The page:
runof a new productionline because
estimators
and
Carroll
1992;
gression
(Simpson,Ruppert,
theMahalanobisdistancesare knownto sufferfrommask1993). Robustdistancesbased ing. That is, even if therewere a groupof outliers(here,
Coakleyand Hettmansperger
on theMCD are moreprecisethanthosebased on theMVE deformed
diaphragmparts)theywould affectTo and So in
and hence bettersuited to expose multivariateoutliers- such a
way as to become invisiblein Figure 1. To further
forexample,in the diagnosticplot of Rousseeuw and van
investigatethesedata,we need robustestimatorsT and S,
Zomeren(1990), whichdisplaysrobustresidualsversusrowitha substantialstatisticalefficiency
so thatwe
preferably
bust distances.Moreover,the MCD is a key component can be confidentthat
effects
that
become
visible
any
may
of the hybridestimatorsof Woodruffand Rocke (1994)
are real and notdue to theestimator'sinefficiency.
Afterdeand Rocke and Woodruff(1996) and of high-breakdown
theFAST-MCD algorithm,
we will returnto these
veloping
linear discriminantanalysis (Hawkins and McLachlan
data in Section7.
1997).
In spiteof all these advantages,untilnow theMCD has
rarelybeen appliedbecause itwas harderto compute.In this
thatis
article,however,we constructa new MCD algorithm
0
The
actuallymuchfasterthananyexistingMVE algorithm.
new MCD algorithmcan deal witha sample size n in the (D
tensof thousands.As faras we know,none of theexisting Cr0
MVE algorithmscan cope with such large sample sizes.
Because the MCD now greatlyoutperforms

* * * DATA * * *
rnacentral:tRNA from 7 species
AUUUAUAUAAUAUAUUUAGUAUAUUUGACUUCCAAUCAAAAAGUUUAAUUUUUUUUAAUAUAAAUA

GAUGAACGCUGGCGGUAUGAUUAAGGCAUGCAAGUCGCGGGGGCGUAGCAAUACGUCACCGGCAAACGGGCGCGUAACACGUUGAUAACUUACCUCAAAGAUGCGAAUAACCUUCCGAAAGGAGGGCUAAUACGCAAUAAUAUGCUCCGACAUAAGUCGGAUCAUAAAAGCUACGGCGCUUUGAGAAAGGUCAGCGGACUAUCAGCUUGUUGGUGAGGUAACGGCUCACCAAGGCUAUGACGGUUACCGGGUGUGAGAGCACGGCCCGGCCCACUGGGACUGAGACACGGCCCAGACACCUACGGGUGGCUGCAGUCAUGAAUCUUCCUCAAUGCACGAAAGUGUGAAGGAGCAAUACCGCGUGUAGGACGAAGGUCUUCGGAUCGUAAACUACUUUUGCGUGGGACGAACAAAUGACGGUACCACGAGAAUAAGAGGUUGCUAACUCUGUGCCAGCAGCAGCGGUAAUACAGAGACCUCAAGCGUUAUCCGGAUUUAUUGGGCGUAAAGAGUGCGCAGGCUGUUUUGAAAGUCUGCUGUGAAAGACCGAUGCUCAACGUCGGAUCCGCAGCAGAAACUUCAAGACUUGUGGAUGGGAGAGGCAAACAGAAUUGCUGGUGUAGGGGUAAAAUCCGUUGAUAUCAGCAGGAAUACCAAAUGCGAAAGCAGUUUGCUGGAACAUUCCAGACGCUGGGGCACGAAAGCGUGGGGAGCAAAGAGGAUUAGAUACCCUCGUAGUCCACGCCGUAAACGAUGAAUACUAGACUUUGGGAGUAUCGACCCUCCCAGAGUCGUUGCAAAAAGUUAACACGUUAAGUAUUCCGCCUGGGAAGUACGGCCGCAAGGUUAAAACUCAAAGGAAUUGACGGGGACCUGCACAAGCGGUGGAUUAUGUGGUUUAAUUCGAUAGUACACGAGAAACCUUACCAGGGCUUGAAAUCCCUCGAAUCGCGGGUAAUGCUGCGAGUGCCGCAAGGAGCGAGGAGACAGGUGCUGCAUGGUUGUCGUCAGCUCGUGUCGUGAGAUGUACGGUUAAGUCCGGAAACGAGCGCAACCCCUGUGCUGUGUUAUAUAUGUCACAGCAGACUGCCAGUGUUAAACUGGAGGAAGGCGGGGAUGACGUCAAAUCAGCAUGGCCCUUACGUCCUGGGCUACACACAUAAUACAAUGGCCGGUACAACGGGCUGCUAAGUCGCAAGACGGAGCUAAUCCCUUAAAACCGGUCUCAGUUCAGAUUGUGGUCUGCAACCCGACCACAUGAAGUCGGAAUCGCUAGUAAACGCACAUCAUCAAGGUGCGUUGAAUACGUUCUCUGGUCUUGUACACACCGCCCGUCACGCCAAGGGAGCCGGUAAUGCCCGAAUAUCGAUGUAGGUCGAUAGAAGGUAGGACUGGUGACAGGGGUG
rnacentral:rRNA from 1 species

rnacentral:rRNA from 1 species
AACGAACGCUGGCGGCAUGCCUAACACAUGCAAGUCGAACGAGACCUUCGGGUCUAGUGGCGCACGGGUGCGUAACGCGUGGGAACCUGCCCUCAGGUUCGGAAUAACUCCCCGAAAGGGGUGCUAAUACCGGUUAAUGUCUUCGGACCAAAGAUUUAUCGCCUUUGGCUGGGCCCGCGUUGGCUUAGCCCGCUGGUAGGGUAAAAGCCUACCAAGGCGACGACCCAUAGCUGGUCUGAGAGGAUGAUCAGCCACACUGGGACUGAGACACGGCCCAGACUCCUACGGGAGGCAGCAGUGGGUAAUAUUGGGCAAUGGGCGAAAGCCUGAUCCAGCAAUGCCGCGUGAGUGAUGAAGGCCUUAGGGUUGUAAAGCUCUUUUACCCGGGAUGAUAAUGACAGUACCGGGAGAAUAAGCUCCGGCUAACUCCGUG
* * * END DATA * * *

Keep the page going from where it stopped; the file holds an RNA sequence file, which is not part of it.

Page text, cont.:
the MVE in CO
termsof both statisticalefficiency
and computationspeed,
owe recommendtheMCD method.
Cl
Ca

1. MOTIVATINGPROBLEMS
Two recentproblemswill be shownto illustratetheneed
fora fast,robustmethodthatcan deal withmanyobjects(n)
and/ormanyvariables(p) while maintaininga reasonable
statisticalefficiency.

200

Index

400

600

Figure 1. Plot of Mahalanobis Distances forthe PhilipsData.


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PETER J. ROUSSEEUW AND KATRIENVAN DRIESSEN

214

Problem2 (Physical Sciences). A group of astronomersat theCaliforniaInstituteof Technologyare working


on the Digitized Palomar Sky Survey(DPOSS); for a full
see theirreport(Odewahn,Djorgovsky,Brundescription,
and
Gal
1998). In essence, they make a surveyof
ner,
celestialobjects (lightsources)forwhichtheyrecordnine
characteristics
(such as magnitude,area, image moments)
in each of threebands-blue, red,and near-infrared.
They
seek collaborationwith statisticiansto analyze theirdata,
and gave us access to a partof theirdatabase,containing
137,256 celestialobjects withall 27 variables.
We startedby using quantile-quantileplots, Box-Cox
transforms,
selectingone variable out of threevariables
linearcorrelation,
and othertools of data
withnear-perfect
analysis.One of theseavenuesled us to studysix variables
(two fromeach band). Figure2 plots theMahalanobisdistances (1.1) for these data (to avoid overplotting,
Fig. 2
shows only 10,000 randomlydrawnpointsfromthe entire
plot).The cutoffis X ,.975 = 3.82. In Figure2 we see two
12,plus
groupsof outlierswithMD(xi) - 9 and MD(xi)
some outliersstillfurther
away.
Returningto the data and theirastronomicalmeaning,
it turnedout thatthese were all objects for whichone or
morevariablesfell outsidetherangeof whatis physically
possible.So, theMD(xi) did help us to findoutliersat this
stage. We thencleaned the data by removingall objects
whichreduced
witha physicallyimpossiblemeasurement,
our sample size to 132,402. To these data we thenagain
applied the classical mean To and covarianceSo, yielding
theplot of Mahalanobisdistancesin Figure3.
Figure3 looks innocent,like observationsfromthe x/
as ifthedata wouldforma homogeneouspopudistribution,
lation(whichis doubtfulbecause we knowthatthedatabase
we
containsstarsas well as galaxies). To proceedfurther,
estimatesT and S and an algorithm
need high-breakdown
thatcan computethemforn = 132,402.Such an algorithm
in thenextsections.
will be constructed

L0

*
0
5)
.o

*.

**

:0

0 00

C
CuD

*.

Se

-.0 c,

go

's

*I

,*

.:,
.? *'